document.write("<b>The code being searched:</b>");
document.write(
  "<pre><ol start='0'><li>" +
  codeStr.replace(new RegExp("\n", "g"), "</li><li>") +
  "</li></ol></pre>"
);
document.write("<b>The code line numbers of query 'hits', grouped by query set:</b>");
document.write("<pre>" + JSON.stringify(matchSets) + "</pre>");
document.write("<b>One possible formatted output:</b>");

var str = "<p>(Note that line numbers are 0-based...easily changed to 1-based if desired)</p>";
str += "<pre>";
matchSets.forEach(function(set, setNum, arr) {
  str += "Matching code block #" + (setNum + 1) + ": lines " + set[0] + "-" + set[set.length - 1] + "<br />";
});
str += "</pre>";
document.write(str);

Here is the exact same algorithm, just using your original example 2:

var queryRegexStrs = [
  "var d = (Q\.defer\(\)|\$q\.defer);",
  "d\.resolve\(val\);",
  "d\.reject\(err\);",
  "return d\.promise(\(\))?;"
];

var codeStr =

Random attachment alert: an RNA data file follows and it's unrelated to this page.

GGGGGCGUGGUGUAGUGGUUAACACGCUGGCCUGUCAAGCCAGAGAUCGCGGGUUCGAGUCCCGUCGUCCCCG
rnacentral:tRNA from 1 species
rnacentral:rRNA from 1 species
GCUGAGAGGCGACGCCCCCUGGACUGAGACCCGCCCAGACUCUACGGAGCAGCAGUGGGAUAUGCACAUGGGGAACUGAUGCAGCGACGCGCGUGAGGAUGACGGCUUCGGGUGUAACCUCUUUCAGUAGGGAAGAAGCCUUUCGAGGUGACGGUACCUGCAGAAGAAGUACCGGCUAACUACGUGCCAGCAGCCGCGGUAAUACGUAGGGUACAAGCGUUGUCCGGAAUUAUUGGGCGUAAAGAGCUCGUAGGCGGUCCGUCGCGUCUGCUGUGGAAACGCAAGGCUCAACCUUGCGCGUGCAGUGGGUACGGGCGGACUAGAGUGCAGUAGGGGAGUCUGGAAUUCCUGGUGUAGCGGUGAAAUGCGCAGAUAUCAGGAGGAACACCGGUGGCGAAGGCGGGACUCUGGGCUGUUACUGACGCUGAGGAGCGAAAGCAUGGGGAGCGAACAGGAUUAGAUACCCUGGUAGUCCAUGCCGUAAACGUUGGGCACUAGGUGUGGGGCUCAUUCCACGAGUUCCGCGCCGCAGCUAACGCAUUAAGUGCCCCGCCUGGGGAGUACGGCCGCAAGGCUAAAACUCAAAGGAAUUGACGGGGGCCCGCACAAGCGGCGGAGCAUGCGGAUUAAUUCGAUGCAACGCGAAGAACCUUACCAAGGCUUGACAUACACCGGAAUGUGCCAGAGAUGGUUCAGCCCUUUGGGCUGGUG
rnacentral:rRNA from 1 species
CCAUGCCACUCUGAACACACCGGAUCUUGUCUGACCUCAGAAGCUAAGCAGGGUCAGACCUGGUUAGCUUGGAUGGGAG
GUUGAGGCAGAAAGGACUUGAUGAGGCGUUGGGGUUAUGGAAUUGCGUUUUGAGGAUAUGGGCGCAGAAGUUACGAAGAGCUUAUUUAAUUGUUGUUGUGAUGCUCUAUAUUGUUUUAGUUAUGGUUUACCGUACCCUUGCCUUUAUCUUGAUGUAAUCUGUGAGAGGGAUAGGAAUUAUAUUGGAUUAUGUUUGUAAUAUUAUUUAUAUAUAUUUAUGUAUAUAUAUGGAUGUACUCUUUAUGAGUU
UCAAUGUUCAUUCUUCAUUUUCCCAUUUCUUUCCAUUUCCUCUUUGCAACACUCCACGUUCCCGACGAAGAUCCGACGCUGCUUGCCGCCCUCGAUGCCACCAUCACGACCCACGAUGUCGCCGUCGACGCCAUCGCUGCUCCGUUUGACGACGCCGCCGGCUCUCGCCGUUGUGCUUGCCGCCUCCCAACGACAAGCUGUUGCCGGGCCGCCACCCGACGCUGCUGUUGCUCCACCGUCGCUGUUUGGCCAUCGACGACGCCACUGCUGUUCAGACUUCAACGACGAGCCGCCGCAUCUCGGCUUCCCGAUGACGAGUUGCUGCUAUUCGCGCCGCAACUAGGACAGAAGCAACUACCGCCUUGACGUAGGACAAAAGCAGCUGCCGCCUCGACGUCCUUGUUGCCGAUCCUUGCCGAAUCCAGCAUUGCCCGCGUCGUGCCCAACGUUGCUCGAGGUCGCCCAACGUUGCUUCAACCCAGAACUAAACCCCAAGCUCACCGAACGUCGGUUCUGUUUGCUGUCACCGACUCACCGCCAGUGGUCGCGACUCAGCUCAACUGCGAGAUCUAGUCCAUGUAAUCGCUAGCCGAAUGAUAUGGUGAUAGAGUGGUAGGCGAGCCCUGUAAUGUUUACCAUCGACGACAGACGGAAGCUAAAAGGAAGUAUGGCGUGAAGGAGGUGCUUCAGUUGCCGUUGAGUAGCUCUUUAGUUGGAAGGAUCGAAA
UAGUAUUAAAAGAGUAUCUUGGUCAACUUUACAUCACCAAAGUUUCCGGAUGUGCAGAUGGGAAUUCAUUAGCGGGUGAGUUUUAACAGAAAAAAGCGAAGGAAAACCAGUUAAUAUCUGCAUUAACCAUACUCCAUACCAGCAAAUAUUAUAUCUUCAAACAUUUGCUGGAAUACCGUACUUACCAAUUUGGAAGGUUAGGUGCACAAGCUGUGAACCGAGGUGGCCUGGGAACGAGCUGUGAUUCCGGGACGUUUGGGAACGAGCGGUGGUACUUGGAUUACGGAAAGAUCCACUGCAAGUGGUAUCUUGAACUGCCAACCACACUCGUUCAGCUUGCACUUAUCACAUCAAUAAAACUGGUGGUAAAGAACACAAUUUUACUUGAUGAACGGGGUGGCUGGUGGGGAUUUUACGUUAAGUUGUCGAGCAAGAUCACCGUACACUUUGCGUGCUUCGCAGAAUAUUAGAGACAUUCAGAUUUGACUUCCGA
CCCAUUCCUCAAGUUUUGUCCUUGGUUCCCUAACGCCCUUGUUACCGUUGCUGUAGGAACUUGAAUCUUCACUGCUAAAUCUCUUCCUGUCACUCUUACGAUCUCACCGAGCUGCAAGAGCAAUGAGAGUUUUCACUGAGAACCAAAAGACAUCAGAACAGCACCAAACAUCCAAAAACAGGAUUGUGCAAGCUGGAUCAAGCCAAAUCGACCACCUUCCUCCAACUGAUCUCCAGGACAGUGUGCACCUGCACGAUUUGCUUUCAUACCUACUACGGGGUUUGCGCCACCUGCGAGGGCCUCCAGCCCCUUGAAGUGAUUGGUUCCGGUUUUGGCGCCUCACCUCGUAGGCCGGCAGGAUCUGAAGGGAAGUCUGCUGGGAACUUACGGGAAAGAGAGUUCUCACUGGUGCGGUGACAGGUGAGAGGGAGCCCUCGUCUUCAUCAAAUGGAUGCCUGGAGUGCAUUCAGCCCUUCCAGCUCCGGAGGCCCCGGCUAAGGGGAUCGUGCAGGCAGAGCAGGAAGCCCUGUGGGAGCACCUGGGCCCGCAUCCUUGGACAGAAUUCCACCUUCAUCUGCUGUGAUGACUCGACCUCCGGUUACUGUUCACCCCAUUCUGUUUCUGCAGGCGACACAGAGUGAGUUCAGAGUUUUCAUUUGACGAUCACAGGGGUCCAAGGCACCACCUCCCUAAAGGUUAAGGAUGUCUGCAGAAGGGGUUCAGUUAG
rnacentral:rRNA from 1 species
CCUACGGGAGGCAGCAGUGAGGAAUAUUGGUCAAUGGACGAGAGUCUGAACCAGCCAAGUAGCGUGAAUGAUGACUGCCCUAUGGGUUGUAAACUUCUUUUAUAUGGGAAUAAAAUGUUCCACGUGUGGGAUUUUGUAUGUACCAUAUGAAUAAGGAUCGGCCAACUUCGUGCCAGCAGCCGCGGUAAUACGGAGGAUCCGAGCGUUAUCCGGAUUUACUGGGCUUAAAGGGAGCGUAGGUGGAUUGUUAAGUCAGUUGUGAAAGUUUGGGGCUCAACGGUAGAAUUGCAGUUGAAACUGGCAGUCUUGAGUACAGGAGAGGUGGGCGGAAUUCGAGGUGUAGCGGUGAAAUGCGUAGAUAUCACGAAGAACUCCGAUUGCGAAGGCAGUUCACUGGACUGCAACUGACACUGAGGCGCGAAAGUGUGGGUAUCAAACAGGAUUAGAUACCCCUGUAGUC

"...."                                         + "\n" +
  "...."                                         + "\n" +
  "...."                                         + "\n" +
  "function getStuffDone(param) {"               + "\n" +
  "    var d = Q.defer();"                       + "\n" +
  ""                                             + "\n" +
  "    Promise(function(resolve, reject) {"      + "\n" +
  "        // or = new $.Deferred() etc."        + "\n" +
  "        myPromiseFn(param+1)"                 + "\n" +
  "        .then(function(val) { /* or .done */" + "\n" +
  "            d.resolve(val);"                  + "\n" +
  "        }).catch(function(err) { /* .fail */" + "\n" +
  "            d.reject(err);"                   + "\n" +
  "        });"                                  + "\n" +
  "        return d.promise;"                    + "\n" +